It took about 25 minutes to get through all the brush, fences, long grass, and ravine, but finally I made it. With dawn approaching I had to move quick. The long grass was helpful for camoflauge but with little behind me to break up my silhouette, I had a lot of building to do. Some sticks here, some grass there, a couple of logs here and there, and just as the sun was coming up I was able to get the nest built. Next I set up the camera and made sure it was camoflauged as well, the sun reflecting off the lense is an easy way to get spotted, so I had to make sure it was blocked as much as possible, while still allowing me to shoot video.

Once I was set, the next task was to do a radio and spot check. My partner would drive by and see if he could spot me from the road, to make sure I was hidden well. After the first drive by, I made a few corrections, and we were ready to go.

This was in July as I recall, and July is a VERY hot time of the year in southern Illinois. Obviously I can't move much and I'm covered in camo and heavy netting, so it was REAL hot out. By 10am I was sweating buckets. Unfortunately, there wasn't much I could do about it. Just sit and wait.

Finally at about 12:30 or so, I saw some movement. A portly middle-aged man exited the house. He matched the description I had for the subject, and my pulse started to rise. Hell ya, here we go. I focused my camera and waited for him to do something. It seemed like forever, but evetually he walked into a open barn next to the house and came riding out in a small tractor. OK, OK, this is good, now if he bends over past his waist, I got him. Just about then a pickup truck pulled in the driveway and what appeared to be a friend of his got out and started chatting away.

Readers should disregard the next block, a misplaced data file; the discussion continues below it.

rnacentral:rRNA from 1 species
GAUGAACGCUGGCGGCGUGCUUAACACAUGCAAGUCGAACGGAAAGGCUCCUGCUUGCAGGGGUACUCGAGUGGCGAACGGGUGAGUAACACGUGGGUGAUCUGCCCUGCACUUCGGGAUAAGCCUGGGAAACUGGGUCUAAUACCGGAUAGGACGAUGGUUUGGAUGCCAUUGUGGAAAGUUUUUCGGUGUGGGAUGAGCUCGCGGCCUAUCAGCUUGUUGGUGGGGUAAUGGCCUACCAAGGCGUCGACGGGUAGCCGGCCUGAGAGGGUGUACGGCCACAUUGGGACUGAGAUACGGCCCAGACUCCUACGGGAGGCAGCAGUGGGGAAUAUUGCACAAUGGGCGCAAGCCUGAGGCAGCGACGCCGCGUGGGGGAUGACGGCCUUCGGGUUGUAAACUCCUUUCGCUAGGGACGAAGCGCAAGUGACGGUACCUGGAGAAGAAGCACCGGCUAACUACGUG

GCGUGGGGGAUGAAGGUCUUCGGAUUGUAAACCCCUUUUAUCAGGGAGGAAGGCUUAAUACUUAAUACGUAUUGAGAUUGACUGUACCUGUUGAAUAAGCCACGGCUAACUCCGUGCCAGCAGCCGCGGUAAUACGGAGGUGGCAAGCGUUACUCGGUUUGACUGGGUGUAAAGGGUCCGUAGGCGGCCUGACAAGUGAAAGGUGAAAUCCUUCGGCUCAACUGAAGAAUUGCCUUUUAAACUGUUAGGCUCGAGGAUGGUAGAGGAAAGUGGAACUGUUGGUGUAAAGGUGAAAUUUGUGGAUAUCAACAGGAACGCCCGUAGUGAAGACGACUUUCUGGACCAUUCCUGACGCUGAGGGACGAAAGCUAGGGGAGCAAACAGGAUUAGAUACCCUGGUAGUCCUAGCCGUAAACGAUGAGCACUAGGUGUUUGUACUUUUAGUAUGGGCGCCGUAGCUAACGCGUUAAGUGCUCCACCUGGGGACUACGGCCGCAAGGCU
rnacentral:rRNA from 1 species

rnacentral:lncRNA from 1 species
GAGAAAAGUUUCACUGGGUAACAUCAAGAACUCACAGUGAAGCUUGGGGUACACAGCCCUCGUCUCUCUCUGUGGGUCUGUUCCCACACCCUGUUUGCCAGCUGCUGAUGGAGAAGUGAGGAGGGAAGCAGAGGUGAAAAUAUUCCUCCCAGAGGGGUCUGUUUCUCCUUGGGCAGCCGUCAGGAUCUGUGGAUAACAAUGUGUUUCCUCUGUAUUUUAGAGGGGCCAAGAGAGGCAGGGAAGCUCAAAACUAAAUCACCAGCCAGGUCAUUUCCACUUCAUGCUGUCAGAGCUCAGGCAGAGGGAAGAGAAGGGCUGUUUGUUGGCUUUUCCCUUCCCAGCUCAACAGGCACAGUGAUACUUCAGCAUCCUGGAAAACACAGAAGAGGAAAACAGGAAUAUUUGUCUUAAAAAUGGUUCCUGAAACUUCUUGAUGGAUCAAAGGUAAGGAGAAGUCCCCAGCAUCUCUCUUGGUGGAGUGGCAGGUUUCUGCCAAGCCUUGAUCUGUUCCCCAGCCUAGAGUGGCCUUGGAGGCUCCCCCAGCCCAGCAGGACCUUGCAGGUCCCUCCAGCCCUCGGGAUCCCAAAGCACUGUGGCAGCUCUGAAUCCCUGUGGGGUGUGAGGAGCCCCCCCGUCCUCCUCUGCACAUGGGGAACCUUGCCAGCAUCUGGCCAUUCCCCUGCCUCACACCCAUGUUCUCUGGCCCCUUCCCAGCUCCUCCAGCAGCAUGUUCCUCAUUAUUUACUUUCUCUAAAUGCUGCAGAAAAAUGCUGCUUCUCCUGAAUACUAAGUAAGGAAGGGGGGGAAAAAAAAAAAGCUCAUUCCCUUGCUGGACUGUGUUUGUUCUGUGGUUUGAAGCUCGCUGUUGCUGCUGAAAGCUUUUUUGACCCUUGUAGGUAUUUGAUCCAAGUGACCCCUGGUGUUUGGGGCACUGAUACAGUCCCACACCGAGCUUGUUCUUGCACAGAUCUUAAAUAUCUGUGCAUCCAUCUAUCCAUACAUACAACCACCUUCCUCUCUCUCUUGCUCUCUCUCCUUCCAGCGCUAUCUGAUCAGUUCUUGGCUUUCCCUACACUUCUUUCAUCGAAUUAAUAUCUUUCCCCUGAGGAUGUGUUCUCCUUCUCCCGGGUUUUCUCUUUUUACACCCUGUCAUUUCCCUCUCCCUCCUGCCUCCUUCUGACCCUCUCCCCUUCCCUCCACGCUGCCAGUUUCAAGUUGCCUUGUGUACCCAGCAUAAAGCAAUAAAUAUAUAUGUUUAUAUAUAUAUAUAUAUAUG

That's when things started going bad.

Then next thing I know, they head back in the house and pop out a few moments later with binoculars. Oh shit, this is not good, why are they looking around with binoculars? I radioed this to my partner and he said our cover must've been blown. They must've seen him in the truck and got suspicious. What? Now what? Fu-----ck!

As quietly as I could, I started taking down the cameras to get ready for my escape. Unfortunately for me,this was the same time these two good ol' boys decided to come lookin for me, and they had gone back in the house again, this time coming back out with shotguns. Not what I was looking forward to on my first day.

So here these guys come shotguns in hand, headed right for my position. What do I do? I have no gun. I'm definitely not in a positon to make a run for it and lose all my equipment, fighting doesn't seem like too good of an option either, so that only left one thing to do: Hide and pray.

I don't think your heart can beat a WHOLE lot faster than mine was beating. These guys came over the barbed wire fence about 20 yards in front of me and were sweeping the area looking for any sign of me. All I did was lay back in the grass, cover myself and my equipment and held my breath. I could hear them getting closer, their footsteps slowly approaching my position. Fuck, fuck fu------ck! Don't come over here, please dont come here.